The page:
Some numbskull will say this is science fiction, hell even science fantasy and should not be taken seriously.
I strongly disagree - science fiction when done right is more than a genre of drama: it's a place where important thoughts and ideas can influence our society - things like global warming, the environment, technology and its impact are very significant - especially today in this uncertain time. It is also a great genre for all sorts of ideas, but still retaining basic emotions - stirring stuff, romantic thought, powerful pride, grief and horror.
Science fiction at its best makes us think, makes us understand, and explore possibility. Hell it can even change minds. What other drama genre can do that?
Bad science fiction however mocks this - it makes great ideas descend into stupid stories at best, and pantomime at worse. Things like alternate realities, time travel and such, are great ideas - but when it's done wrong (take a look at Gene's other sci-fi thing - Andromeda) its made laughable, silly, and gives the impression to those who do not like sci-fi, that those who do - are idiots.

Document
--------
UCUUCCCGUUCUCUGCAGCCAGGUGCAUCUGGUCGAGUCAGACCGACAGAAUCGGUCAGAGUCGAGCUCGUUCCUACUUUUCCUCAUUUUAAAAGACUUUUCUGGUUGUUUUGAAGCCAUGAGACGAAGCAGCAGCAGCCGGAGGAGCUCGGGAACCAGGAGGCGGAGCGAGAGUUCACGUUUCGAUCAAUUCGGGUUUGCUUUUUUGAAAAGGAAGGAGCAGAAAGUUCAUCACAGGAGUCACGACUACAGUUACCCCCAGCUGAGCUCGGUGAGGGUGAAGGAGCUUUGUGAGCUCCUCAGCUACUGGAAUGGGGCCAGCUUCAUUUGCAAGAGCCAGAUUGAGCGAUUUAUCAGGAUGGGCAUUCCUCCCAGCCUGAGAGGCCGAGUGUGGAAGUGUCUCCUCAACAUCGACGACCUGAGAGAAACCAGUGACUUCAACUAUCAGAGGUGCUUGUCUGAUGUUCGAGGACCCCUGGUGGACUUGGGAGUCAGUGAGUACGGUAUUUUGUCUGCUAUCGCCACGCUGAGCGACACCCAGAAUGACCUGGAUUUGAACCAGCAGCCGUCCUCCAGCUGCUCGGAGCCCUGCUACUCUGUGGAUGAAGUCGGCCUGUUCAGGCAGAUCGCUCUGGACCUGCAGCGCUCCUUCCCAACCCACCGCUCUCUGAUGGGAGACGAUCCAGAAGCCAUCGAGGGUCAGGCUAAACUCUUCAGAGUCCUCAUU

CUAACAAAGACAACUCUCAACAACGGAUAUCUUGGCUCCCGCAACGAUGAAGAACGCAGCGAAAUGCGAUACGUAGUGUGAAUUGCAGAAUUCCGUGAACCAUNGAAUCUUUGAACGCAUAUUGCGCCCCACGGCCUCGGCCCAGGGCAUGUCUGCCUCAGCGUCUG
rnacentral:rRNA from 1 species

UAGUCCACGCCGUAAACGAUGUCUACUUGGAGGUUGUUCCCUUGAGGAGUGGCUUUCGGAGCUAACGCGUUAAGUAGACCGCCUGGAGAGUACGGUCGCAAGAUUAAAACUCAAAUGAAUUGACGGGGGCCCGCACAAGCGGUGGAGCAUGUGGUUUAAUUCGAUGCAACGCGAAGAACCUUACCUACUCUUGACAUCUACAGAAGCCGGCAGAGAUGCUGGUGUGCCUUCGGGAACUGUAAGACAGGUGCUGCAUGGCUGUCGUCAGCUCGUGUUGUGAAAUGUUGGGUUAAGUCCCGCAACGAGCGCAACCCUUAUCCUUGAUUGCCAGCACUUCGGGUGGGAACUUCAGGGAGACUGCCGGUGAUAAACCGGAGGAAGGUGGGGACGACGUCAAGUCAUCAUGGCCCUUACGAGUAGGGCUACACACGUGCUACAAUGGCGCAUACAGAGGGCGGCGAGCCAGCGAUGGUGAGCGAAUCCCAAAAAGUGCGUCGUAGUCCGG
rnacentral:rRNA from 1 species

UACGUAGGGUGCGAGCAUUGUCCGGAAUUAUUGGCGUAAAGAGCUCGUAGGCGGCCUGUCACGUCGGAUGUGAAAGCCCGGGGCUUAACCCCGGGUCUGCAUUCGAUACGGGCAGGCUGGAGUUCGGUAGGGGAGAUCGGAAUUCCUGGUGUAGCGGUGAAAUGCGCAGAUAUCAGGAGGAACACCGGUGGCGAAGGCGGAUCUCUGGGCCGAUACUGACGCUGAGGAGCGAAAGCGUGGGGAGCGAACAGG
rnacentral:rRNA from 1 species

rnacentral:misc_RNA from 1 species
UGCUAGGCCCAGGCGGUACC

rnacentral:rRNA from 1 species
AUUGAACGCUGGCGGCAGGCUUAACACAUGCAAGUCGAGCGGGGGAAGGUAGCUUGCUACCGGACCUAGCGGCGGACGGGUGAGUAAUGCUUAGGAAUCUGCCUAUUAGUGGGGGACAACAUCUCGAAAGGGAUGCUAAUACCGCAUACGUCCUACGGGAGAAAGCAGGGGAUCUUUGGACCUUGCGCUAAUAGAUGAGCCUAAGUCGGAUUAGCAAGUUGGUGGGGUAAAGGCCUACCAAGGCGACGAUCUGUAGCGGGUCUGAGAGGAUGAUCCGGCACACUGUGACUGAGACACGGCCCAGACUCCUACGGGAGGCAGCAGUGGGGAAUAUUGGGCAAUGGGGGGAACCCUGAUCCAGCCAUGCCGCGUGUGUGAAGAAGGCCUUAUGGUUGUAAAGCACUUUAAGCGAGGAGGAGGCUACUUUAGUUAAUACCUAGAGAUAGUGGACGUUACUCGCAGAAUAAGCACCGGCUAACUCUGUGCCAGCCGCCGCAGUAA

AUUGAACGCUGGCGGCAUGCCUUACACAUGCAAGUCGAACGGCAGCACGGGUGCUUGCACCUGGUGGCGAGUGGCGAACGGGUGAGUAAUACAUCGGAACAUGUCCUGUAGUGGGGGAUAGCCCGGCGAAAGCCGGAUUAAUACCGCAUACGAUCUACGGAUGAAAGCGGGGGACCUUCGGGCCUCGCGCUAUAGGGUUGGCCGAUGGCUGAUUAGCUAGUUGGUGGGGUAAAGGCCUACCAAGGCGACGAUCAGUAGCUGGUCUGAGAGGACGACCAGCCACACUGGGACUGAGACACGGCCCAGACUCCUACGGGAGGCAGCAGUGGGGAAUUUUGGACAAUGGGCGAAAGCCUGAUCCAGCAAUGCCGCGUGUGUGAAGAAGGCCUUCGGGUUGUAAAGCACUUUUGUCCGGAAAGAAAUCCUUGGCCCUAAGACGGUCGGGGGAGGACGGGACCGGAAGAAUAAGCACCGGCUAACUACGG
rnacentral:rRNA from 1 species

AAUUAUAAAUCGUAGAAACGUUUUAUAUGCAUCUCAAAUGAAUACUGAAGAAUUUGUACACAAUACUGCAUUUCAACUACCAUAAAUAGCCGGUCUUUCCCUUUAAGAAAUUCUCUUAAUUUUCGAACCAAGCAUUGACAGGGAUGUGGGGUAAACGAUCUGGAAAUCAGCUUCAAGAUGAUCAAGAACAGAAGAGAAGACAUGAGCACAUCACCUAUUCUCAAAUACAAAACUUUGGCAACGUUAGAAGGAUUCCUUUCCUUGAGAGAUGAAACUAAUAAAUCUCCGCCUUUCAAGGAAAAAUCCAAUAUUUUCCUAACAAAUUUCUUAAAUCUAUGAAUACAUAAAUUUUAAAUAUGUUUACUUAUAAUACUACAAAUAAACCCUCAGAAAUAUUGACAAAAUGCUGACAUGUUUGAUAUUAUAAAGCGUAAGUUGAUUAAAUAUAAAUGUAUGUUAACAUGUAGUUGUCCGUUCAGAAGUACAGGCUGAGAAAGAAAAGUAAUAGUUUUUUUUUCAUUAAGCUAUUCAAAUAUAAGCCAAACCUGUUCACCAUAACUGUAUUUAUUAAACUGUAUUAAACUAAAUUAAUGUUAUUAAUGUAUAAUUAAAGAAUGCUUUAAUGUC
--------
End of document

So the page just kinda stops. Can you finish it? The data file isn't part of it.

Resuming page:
In addition, this consistent redo technique is an insulting trait within Star Trek under Berman, Braga, and all their friends - this stupid idea is also used in VOY: "Timeless", "Year of Hell I/II", "Time and Again", "Non Sequitur", "Shattered", "Relativity", "Endgame", DS9: "Visionary", ENT: "Twilight"; stories that dare cross the line in loss of main characters and the failure of our heroes on a major scale - only then to bottle out of it with a convenient reset switch.